It’s easier to get freed from slavery than to free your mind from slavery. Just look at the 23 kajillion times the Israelite former slaves complained about being freed from slavery and wanted to go back to slavery in Egypt.
When you see that, you realize how extraordinary was the life of Booker T. Washington. He was born in slavery, but his mind soared far away from his oppressed beginnings to the launching of the black higher institution of learning Tuskegee Institute. He literally built it out of bricks of clay made by the first students.
Freed by the end of Civil War, Washington moved to West Virginia where he worked in salt furnaces and coal mines to cost his education. An indefatigable leader, he took the reins of the fledgling Tuskegee and drove it relentlessly into prominence. Thousands of blacks, who were refused admittance at “white” institutions, graduated from Tuskegee.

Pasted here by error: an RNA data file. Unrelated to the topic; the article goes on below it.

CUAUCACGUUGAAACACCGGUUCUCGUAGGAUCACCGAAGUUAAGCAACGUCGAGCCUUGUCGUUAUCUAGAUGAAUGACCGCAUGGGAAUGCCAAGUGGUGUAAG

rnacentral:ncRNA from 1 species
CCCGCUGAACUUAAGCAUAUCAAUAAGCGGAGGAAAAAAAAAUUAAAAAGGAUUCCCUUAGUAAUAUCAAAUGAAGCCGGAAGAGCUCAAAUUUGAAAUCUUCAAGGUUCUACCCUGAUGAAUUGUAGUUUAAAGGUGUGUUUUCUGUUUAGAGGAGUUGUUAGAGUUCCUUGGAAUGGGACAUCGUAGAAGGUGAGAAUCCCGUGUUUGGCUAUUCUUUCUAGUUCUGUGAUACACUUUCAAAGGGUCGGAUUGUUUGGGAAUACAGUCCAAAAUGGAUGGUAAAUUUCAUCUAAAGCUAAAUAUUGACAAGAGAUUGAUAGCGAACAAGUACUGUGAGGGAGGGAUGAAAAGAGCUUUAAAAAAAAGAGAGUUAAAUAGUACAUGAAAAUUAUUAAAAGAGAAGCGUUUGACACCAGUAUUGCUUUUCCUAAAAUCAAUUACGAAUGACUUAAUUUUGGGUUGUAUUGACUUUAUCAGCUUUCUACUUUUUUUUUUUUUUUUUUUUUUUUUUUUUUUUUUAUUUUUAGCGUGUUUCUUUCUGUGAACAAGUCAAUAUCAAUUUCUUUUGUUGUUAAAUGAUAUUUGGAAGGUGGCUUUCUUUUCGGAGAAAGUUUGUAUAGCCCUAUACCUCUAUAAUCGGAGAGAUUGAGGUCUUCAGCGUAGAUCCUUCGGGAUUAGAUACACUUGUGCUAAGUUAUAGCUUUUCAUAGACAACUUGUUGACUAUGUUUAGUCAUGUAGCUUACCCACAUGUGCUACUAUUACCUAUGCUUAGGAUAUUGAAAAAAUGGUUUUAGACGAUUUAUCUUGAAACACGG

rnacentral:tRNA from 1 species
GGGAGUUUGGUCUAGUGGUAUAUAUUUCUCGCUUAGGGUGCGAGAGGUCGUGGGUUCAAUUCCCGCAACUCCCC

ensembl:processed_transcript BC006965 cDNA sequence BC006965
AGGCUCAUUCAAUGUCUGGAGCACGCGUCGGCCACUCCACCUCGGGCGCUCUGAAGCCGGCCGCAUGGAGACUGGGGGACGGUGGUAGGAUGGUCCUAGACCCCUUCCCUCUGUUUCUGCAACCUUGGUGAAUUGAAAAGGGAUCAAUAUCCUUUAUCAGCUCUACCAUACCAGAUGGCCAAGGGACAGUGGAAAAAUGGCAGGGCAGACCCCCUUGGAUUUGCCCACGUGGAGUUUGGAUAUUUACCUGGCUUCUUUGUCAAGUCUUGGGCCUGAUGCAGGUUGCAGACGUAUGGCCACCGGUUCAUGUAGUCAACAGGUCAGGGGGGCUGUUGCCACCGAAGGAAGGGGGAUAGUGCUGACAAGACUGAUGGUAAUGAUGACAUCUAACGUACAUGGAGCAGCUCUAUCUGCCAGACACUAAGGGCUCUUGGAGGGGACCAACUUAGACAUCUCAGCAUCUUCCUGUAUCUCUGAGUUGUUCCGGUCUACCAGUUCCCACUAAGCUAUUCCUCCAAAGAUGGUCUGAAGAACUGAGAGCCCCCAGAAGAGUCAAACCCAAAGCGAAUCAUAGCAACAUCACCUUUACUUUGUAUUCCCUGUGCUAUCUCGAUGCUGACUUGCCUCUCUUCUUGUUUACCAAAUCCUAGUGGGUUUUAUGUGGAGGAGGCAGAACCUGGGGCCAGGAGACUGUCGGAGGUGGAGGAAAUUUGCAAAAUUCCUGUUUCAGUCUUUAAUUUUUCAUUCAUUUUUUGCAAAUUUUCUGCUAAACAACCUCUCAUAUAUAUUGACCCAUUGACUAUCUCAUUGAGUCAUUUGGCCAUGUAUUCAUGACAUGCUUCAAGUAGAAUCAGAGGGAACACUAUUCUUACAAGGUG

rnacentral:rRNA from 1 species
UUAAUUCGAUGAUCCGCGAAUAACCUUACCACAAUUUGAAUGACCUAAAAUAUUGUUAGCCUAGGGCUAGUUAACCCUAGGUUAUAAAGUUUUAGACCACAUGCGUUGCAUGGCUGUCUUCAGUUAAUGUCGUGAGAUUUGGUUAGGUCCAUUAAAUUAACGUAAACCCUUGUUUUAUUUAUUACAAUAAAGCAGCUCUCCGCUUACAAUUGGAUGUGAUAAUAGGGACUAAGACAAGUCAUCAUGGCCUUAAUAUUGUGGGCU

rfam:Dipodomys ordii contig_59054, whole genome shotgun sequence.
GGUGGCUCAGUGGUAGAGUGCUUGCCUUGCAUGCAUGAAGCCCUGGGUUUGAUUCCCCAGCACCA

A dynamic orator, resourceful, a master deal-maker, Washington wheedled and cajoled finances and genius for his institution. The stand-out scientist George Washington Carver was persuaded to join Tuskegee and, when Thomas Edison would entice him away, to stay.
To overcome insurmountable odds, to triumph through wit, wisdom and work, to line up allies and disarm enemies all in the service of a greater cause, this is the remarkable legacy of the man who remains an inspiration for generations. To live only for self is such a waste when you could do so much good.